Take money out of the equation, and visualise your ideal day again. Think about what you’d spend your day doing, if money was no longer a concern.
Beginning at the end
25. I’m 80 years old. What do I want to have spent my life doing?
Picture yourself at 80 years old, looking back at your life. Think about the things you’d like to have achieved, across all areas of your life.
26. How do I want to be remembered?
Think about what values, traits, behaviours, and ideas you’d like to be remembered for.
27. What do I want my euology to say?
Use this as an opportunity to reverse-engineer your life’s plan. Think about what you want your eulogy to say, and whether that would be the case if you died tomorrow.
28. What kind of legacy do I want to leave behind?
This is your main mission, or your life’s work. Think about what you want it all to mean, and what you’d like to leave behind.
29. What do I want to have contributed to the world?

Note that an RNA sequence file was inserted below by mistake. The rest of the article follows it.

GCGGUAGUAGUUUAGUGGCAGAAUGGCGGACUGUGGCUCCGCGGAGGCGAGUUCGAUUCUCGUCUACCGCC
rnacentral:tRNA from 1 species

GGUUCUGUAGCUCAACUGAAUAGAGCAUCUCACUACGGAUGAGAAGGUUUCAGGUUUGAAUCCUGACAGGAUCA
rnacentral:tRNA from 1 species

Think about the difference you’d like to make in the world, and how you want the world to change as a result of you being here.
30. What do I want to achieve before I die?
Make a bucket list; a list of things you want to do, be, have, or experience before you die.
31. How much progress have I made with these so far?
Think about your life as it is at the moment, and how much you’ve prioritised achieving any of these goals.
32. How can I start making more?
Brainstorm ways you could start moving towards these goals – write down every possible solution, even if it feels totally wild.
What are you passionate about? How did you discover this passion? Share your wisdom in the comments below.